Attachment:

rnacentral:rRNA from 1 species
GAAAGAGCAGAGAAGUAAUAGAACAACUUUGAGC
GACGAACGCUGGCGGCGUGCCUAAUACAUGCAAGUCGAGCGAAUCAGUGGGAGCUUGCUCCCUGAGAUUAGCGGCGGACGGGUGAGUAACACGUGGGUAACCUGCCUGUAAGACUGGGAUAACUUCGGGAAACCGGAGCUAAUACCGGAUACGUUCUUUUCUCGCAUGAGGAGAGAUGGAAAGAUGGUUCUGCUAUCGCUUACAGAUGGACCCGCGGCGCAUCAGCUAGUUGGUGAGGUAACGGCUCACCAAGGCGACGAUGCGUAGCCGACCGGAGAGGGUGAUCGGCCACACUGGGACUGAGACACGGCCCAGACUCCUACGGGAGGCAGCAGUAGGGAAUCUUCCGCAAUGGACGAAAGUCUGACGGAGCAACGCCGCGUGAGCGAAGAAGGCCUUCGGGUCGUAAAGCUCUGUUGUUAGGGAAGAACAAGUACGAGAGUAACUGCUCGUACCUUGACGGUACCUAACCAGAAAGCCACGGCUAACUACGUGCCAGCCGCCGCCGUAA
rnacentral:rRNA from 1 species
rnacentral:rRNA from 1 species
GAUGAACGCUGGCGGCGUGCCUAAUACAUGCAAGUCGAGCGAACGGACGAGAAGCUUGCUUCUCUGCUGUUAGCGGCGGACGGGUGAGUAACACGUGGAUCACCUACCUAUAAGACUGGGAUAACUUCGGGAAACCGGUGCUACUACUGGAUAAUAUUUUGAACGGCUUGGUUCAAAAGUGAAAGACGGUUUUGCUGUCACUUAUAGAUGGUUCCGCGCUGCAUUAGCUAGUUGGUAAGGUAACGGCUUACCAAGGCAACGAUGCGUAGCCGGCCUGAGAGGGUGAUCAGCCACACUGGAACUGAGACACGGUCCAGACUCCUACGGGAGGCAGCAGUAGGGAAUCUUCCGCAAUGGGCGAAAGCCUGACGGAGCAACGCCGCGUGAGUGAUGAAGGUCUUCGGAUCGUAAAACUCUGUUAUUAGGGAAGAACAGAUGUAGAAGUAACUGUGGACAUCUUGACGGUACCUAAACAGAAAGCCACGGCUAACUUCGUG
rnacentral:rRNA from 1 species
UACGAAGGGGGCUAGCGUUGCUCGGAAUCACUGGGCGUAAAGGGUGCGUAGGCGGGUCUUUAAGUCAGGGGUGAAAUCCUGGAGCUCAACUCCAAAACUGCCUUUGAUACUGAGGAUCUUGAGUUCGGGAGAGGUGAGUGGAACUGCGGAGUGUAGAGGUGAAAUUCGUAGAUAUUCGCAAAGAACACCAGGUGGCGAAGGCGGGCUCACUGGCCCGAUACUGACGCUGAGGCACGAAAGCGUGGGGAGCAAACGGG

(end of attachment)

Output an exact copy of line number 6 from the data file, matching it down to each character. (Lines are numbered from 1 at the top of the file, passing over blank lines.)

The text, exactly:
GAUGAACGCUGGCGGCGUGCCUAAUACAUGCAAGUCGAGCGAACGGACGAGAAGCUUGCUUCUCUGCUGUUAGCGGCGGACGGGUGAGUAACACGUGGAUCACCUACCUAUAAGACUGGGAUAACUUCGGGAAACCGGUGCUACUACUGGAUAAUAUUUUGAACGGCUUGGUUCAAAAGUGAAAGACGGUUUUGCUGUCACUUAUAGAUGGUUCCGCGCUGCAUUAGCUAGUUGGUAAGGUAACGGCUUACCAAGGCAACGAUGCGUAGCCGGCCUGAGAGGGUGAUCAGCCACACUGGAACUGAGACACGGUCCAGACUCCUACGGGAGGCAGCAGUAGGGAAUCUUCCGCAAUGGGCGAAAGCCUGACGGAGCAACGCCGCGUGAGUGAUGAAGGUCUUCGGAUCGUAAAACUCUGUUAUUAGGGAAGAACAGAUGUAGAAGUAACUGUGGACAUCUUGACGGUACCUAAACAGAAAGCCACGGCUAACUUCGUG